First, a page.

Hofmann says: “I think it is more the internal barriers than the external ones that prevent women from striving to set up a really big enterprise.”  Furthermore, she believes, the motives that drive women to set up small but modest firms also cause them not to consider expanding further when things are going well. Hofmann suspects that many women are not prepared to pay the price. “It is simply not easy to juggle all the demands.” Anybody running a big company has less time for the family. Women trying to combine both things have to put up with seeing their children giving the nanny a passionate hug.”

A study from Canada bears out her point: 58.5% of the women surveyed said they did not want to expand their company because they were happy with the way things were. And an analysis by KfW shows that full-time male company founders will work 51 hours a week, while women only put in 43 hours.

But perhaps once again that has to do with motives. Women who are really committed to their idea are often more interested in quality than quantity and the aim of the company might be more important than its size. Hofmann can only shake her head over such trends – she thinks being in charge is fun. “The longer you are boss, the more fun it is.” She argues that size and power too often carry negative connotations for many women. “I like the idea of providing jobs for a lot of people.” And she has done that, employing 24,500 people now.

Old Boys’ Club 

Although only 29% of startups are founded by women, the proportion of women seeking advice from the German Chamber of Commerce is significantly higher, at 40%. What can be done to encourage more women to pluck up courage? “If more women are to set up firms in Germany, there have to be more women in the workforce generally. That requires good childcare,” says Jörg Zeuner, chief economist at KfW.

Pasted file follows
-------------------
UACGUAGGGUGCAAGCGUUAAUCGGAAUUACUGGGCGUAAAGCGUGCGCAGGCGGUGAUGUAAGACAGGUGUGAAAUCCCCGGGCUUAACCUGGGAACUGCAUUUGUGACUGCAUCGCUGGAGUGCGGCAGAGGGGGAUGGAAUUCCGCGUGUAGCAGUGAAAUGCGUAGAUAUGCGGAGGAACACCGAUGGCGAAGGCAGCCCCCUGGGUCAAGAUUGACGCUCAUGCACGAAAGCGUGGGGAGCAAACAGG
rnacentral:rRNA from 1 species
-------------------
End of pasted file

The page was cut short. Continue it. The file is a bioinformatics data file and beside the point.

One conclusion from the CESifo study is that financial support, campaigns and coaching would be most likely to encourage more women to set up companies. But only if they are properly targeted, as the investigation by the economists in Hohenheim showed. They found that women often did not feel that apparently neutral startup support was aimed at them. “The situation looks neutral, but isn’t,” was the researchers’ verdict. Networking can also be important. The new economy and startup culture have not yet shut down the old boys’ club. Nine out of 10 female digital entrepreneurs questioned by the Vodafone Institute for a study entitled New World and Old Roles think that better access to networks would encourage more women to found startups.